Does the board ensure an inclusive board member recruitment process that results in diversity of thought and leadership? Yes
  • Board performance
    Has the board conducted a formal, written self-assessment of its performance within the past three years? Yes

Organizational demographics

SOURCE: Self-reported; last updated 2/19/2021

Who works and leads organizations that serve our diverse communities? GuideStar partnered on this section with CHANGE Philanthropy and Equity in the Center.

Leadership

The organization's leader identifies as:

Race & ethnicity
White/Caucasian/European
Gender identity
Male, Not transgender (cisgender)
Sexual orientation
Heterosexual or Straight
Disability status
Person without a disability

The organization's co-leader identifies as:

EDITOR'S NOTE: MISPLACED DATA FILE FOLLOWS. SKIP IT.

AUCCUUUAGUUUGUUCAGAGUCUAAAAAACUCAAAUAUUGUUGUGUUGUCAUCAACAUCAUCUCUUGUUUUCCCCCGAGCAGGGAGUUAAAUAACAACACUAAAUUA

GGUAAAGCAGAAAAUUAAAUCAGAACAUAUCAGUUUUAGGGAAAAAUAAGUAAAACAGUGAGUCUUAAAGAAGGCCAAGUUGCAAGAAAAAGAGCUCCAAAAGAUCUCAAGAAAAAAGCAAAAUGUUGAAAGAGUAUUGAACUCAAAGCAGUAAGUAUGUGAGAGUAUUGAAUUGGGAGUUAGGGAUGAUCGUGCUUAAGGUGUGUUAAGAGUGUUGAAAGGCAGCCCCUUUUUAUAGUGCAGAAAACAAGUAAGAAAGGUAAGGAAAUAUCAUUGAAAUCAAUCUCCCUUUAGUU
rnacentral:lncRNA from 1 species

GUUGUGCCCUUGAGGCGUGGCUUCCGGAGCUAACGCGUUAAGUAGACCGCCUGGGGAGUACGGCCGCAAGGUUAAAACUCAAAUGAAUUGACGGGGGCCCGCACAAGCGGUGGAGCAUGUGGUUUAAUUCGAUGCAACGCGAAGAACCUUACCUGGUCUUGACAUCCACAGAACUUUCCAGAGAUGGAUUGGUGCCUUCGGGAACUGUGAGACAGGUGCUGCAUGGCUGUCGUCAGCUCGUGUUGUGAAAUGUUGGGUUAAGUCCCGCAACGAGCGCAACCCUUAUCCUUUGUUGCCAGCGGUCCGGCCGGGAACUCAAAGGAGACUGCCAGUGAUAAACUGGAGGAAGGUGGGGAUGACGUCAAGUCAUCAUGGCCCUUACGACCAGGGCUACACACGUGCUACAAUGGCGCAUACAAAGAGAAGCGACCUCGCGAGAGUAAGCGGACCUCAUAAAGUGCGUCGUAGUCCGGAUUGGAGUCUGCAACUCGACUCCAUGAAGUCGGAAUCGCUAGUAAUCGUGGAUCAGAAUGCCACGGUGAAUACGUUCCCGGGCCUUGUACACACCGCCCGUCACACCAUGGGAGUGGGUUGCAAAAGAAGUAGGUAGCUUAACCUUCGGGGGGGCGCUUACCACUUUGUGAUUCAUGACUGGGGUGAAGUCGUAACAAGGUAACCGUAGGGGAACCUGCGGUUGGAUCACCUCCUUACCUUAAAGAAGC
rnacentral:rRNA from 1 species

Race & ethnicity
Black/African American/African
Gender identity
Male, Not transgender (cisgender)
Sexual orientation
Heterosexual or Straight
Disability status
Person without a disability

Race & ethnicity

Gender identity

 

Sexual orientation

Disability

We do not display disability information for organizations with fewer than 15 staff.

Equity strategies

Last updated: 02/19/2021

GuideStar partnered with Equity in the Center - an organization that works to shift mindsets, practices, and systems to increase racial equity - to create this section. Learn more

Data
  • We have long-term strategic plans and measurable goals for creating a culture such that one’s race identity has no influence on how they fare within the organization.
Policies and processes
  • We seek individuals from various race backgrounds for board and executive director/CEO positions within our organization.
  • We have community representation at the board level, either on the board itself or through a community advisory board.
  • We engage everyone, from the board to staff levels of the organization, in race equity work and ensure that individuals understand their roles in creating culture such that one’s race identity has no influence on how they fare within the organization.